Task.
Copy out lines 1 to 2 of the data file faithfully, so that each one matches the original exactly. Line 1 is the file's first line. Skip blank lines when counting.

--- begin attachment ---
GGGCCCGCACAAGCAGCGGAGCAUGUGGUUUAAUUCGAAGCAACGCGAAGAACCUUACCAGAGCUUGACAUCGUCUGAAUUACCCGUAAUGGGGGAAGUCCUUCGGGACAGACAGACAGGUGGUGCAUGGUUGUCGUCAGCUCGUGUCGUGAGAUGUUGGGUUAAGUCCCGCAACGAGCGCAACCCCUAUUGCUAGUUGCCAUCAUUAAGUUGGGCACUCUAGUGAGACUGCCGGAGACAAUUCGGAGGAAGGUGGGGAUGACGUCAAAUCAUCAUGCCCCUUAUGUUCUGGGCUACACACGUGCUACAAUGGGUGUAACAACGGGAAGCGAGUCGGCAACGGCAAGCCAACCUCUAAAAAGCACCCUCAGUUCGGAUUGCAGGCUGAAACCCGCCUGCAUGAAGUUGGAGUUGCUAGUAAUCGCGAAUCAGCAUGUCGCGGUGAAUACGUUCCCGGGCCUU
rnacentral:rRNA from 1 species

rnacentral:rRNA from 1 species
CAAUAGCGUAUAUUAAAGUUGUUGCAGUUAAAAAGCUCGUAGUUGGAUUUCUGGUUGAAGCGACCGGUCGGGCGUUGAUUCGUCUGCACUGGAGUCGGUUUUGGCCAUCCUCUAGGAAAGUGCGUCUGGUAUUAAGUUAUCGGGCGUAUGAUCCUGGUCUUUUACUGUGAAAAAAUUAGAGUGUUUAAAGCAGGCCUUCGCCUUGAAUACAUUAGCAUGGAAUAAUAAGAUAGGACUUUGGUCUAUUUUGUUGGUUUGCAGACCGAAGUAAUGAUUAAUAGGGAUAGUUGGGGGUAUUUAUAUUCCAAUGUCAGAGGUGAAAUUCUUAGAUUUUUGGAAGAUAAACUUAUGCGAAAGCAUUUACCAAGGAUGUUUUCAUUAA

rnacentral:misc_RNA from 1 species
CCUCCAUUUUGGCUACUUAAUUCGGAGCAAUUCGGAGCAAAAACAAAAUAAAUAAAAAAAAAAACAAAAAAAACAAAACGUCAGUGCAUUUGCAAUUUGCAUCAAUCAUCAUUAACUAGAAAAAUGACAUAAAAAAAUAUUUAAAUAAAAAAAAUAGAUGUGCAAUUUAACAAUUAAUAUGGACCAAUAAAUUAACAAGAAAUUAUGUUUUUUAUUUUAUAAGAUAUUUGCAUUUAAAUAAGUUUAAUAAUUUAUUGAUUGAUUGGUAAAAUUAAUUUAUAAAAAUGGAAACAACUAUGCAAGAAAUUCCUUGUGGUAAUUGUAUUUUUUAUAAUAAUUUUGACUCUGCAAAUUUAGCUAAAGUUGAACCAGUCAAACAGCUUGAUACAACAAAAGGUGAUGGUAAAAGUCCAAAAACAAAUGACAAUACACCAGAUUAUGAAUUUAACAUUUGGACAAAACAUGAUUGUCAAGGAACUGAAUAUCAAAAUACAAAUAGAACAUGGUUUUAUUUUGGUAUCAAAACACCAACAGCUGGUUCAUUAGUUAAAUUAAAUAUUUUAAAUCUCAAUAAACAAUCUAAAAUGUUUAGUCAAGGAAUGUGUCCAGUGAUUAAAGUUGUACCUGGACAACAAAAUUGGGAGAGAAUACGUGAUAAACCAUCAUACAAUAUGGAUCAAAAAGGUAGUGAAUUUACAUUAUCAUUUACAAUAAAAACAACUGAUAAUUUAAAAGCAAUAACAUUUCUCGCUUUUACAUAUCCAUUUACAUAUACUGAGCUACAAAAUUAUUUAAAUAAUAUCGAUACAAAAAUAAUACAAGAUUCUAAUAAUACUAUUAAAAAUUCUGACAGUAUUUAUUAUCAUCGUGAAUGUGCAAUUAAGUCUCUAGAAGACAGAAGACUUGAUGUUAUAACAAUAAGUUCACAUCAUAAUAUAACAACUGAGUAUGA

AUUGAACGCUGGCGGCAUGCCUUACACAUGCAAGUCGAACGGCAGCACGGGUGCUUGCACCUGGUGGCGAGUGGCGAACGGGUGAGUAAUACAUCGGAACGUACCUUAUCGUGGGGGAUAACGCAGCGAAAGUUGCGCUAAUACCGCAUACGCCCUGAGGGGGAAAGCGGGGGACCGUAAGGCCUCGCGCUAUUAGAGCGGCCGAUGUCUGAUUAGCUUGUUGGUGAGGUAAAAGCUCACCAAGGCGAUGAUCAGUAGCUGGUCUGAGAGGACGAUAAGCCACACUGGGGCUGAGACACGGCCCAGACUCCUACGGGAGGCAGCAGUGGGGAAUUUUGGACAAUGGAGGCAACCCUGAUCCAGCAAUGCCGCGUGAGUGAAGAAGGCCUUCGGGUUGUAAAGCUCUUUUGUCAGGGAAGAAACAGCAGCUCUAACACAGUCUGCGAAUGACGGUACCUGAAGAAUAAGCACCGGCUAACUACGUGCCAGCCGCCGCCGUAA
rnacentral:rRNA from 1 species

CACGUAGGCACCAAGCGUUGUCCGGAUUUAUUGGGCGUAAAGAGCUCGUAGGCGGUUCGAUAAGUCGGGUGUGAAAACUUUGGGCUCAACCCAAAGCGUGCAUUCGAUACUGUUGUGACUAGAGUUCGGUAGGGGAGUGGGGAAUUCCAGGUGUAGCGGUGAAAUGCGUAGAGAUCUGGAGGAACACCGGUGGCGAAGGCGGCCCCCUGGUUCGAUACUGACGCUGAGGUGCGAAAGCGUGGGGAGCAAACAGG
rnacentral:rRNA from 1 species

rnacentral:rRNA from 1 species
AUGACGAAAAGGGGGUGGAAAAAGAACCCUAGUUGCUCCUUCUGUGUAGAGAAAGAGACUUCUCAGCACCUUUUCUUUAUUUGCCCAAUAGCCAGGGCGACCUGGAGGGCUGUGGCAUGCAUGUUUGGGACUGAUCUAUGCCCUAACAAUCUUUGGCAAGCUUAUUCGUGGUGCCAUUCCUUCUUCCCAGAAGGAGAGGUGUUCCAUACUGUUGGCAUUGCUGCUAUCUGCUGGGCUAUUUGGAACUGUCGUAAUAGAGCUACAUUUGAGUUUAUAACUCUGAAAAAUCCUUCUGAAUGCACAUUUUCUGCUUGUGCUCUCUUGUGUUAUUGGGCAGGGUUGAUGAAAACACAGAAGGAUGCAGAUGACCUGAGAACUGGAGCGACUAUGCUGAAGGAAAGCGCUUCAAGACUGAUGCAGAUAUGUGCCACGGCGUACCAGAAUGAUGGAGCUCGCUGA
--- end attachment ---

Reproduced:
GGGCCCGCACAAGCAGCGGAGCAUGUGGUUUAAUUCGAAGCAACGCGAAGAACCUUACCAGAGCUUGACAUCGUCUGAAUUACCCGUAAUGGGGGAAGUCCUUCGGGACAGACAGACAGGUGGUGCAUGGUUGUCGUCAGCUCGUGUCGUGAGAUGUUGGGUUAAGUCCCGCAACGAGCGCAACCCCUAUUGCUAGUUGCCAUCAUUAAGUUGGGCACUCUAGUGAGACUGCCGGAGACAAUUCGGAGGAAGGUGGGGAUGACGUCAAAUCAUCAUGCCCCUUAUGUUCUGGGCUACACACGUGCUACAAUGGGUGUAACAACGGGAAGCGAGUCGGCAACGGCAAGCCAACCUCUAAAAAGCACCCUCAGUUCGGAUUGCAGGCUGAAACCCGCCUGCAUGAAGUUGGAGUUGCUAGUAAUCGCGAAUCAGCAUGUCGCGGUGAAUACGUUCCCGGGCCUU
rnacentral:rRNA from 1 species